Smart casting and witty writing as well as constant interludes of amusement park atmosphere save this from utter conventionality. Jesse Eisenberg is the cute, skinny young Jewish guy who was Jeff Daniels' hard-to-fool older son in Noah Baumbach's much celebrated 'The Squid and the Whale.' Eisenberg has done lots of things since, but this may be his biggest role so far, the one he was made to play. His James is a virgin with an East Coast Jewish sense of irony. He also has a foolish, if admirable, tendency to always tell the truth. What he's not is a horny dweeb like Fogell (Christopher Mintz-Plasse) in 'Superbad.' He's chivalrous and articulate--maybe more articulate than he needs to be to get to second base, but also enough to give the audience the feeling of a literary sensibility in play. He's not a hunk like handsome, married loser Mike Connell (Ryan Reynolds), the park handyman and a would-be musician who may or may not have played one gig with Lou Reed, but he's much easier to care about. Eisenberg has the mannerisms of intelligent naivety down, and his understated rapid fire delivery is spot on. Whether or not he's meant to be Jewish, the aura of the young Jewish intellectual-to-be surrounds him. He can't describe his journalistic aims without mentioning Charles Dickens' writing about prisons.

The movie, though ostensibly in coming-of-age rather than buddy-picture mode, tries a bit too hard to be gross in the contemporary Apatow manner, to be mainstream I guess, and not hard enough to avoid the standard clichés of the coming-of-age film. 'Adventureland' barely goes anywhere new. But that's not to say that Eisenberg, Kirsten Stewart (heartbreakingly wispy and alluring as James' troubled--and complex--new girlfriend, Em), and a handful of other actors aren't quite charming and watchable--or that the movie doesn't have any clever throwaway lines along with the barf and knee-in-the-balls jokes. The intellectual anchor of the piece is James's bespectacled Adventureland pal Joel (Martin Starr), a nihilistic Slavic Studies major whose idea of how to woo a lady is to give her a paperback copy of Gogol's 'Dead Souls' and explain that the author starved himself to death after writing it. Joel is so much more pessimistic, depressed, and articulate that we see James has a chance of happiness despite his innocence about courtship and increasingly uncertain future.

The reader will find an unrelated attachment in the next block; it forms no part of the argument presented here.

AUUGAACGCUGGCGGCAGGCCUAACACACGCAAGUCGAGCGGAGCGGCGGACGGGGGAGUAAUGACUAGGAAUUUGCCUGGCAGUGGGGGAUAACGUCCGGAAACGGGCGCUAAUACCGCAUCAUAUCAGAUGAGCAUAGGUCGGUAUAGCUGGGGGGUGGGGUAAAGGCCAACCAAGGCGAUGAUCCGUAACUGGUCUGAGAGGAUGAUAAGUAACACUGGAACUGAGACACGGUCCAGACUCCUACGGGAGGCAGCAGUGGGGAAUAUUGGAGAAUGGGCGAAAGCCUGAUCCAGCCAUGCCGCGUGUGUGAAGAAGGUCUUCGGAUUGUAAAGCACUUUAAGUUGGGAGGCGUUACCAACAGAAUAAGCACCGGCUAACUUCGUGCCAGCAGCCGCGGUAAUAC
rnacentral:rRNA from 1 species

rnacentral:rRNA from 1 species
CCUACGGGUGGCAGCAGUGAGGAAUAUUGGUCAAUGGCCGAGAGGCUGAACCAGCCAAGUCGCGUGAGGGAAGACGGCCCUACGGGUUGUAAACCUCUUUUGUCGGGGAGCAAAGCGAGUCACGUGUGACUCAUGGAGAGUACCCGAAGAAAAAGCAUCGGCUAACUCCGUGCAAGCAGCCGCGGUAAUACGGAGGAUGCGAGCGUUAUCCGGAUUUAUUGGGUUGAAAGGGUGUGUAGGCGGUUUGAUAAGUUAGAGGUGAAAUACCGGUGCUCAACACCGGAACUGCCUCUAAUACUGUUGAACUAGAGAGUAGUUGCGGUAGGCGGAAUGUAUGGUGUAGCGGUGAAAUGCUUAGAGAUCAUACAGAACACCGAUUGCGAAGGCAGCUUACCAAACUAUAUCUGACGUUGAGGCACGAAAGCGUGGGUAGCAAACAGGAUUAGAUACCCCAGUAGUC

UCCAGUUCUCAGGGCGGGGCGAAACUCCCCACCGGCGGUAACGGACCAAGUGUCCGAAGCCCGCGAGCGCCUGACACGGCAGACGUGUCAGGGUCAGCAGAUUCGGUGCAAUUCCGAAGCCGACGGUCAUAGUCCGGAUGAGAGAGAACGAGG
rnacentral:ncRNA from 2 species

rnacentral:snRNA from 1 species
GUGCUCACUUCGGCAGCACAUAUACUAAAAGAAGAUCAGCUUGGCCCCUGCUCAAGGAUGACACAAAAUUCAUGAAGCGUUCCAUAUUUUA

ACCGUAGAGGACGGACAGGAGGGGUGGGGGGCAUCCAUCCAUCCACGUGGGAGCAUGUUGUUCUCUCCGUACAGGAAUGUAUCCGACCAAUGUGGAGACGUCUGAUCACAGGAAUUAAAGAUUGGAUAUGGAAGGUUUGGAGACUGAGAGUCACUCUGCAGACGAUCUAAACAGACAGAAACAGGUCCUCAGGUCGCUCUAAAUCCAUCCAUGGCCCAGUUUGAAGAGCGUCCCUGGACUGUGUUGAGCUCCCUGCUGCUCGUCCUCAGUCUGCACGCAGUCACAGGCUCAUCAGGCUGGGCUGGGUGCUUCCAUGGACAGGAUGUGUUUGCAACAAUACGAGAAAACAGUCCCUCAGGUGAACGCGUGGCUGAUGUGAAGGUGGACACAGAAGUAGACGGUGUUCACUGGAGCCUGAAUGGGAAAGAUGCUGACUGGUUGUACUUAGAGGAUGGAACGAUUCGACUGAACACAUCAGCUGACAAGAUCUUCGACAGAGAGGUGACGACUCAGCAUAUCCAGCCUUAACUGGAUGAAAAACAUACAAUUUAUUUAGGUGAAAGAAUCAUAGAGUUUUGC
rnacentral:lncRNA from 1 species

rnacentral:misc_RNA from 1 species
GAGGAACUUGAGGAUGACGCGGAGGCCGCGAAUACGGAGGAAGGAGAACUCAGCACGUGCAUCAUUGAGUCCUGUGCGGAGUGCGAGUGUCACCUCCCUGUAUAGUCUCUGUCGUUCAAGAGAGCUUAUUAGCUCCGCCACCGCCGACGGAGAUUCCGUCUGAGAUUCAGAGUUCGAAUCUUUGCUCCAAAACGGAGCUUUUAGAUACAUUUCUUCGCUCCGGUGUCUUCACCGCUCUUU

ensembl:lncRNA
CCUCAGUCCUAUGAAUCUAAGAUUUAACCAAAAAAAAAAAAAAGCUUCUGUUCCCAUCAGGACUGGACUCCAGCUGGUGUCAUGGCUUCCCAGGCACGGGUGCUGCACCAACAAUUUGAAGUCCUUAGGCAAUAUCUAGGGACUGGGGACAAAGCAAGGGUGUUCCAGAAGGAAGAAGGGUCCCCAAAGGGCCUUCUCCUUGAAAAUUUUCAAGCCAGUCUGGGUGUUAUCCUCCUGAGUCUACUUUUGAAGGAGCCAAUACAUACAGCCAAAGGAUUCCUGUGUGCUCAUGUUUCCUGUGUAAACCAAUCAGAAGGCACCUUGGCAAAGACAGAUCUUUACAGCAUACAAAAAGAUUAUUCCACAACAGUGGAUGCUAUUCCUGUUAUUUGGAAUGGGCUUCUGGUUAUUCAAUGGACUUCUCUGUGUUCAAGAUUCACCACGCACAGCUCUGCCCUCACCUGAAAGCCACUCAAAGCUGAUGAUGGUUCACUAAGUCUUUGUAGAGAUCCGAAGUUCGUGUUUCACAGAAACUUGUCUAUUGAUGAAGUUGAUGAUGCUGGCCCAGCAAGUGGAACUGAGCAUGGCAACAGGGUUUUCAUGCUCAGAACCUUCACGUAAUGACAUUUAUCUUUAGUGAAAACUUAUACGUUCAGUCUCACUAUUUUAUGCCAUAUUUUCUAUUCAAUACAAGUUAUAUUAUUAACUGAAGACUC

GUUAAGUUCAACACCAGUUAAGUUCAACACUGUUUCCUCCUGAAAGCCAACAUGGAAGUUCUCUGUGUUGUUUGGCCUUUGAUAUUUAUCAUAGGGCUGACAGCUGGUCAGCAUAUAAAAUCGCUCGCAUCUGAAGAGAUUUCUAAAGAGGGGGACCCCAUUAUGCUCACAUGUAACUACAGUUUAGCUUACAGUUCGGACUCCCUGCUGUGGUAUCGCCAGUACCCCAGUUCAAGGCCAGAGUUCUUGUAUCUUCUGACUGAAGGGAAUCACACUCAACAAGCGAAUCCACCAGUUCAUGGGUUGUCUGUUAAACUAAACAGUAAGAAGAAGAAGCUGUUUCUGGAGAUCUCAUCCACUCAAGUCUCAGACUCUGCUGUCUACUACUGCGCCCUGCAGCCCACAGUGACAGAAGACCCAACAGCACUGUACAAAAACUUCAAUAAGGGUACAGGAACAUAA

This is a sweet comedy, and it's nice and very rare to see something from a successful Apatow alumnus that's not about a fat guy who wins the babe while remaining a pothead couch potato. Pot plays a significant role here, but James parcels out his bag judiciously and effectively. At the end while he's lost nearly everything, he's still got his dreams and his love. If that doesn't warm your heart, you're a pretty cool customer.

The failings of 'Adventureland' are obvious. Aside from its lack of surprises, for all its jokes it's not particularly funny (though it also avoids turning too dark). Its amusement park setting is original, but not enough individualized. (Bill Hader and Kristen Wiig as the gung-ho park managers Bobby and Paulette do provide glimpses of comedy, though.) The unappealing, loser parents are a cliché. This isn't earth-shaking or side-splitting stuff and its a bit rough around the edges, but it's true to its (doubtless autobiographical) model, a decent and solid little film that is likely to hold its value.
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brownsworkshop12 April 2009
This movie was slow and boring. I was expecting to like it, even if it wasn't a laugh-out-loud comedy. I like a good coming-of-age story, but I was surprised by how unmoved I was by it. Kristen Stewart's character seemed phlegmatic and depressed. I could not see the appeal of her, except that the main character was inexperienced and didn't know better, but the screenplay wasn't smart enough to know this was the message it was giving, unintentionally. Her character reminded me of Ethan Hawke in "Reality Bites" who was a terrible choice for the main character but the viewer was supposed to find him endearing. Ryan Reynolds was good. I was very disappointed in this movie.
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A Whiny, Hopelessly Immature Coming-of-Age Movie
evanston_dad22 September 2009
Warning: Spoilers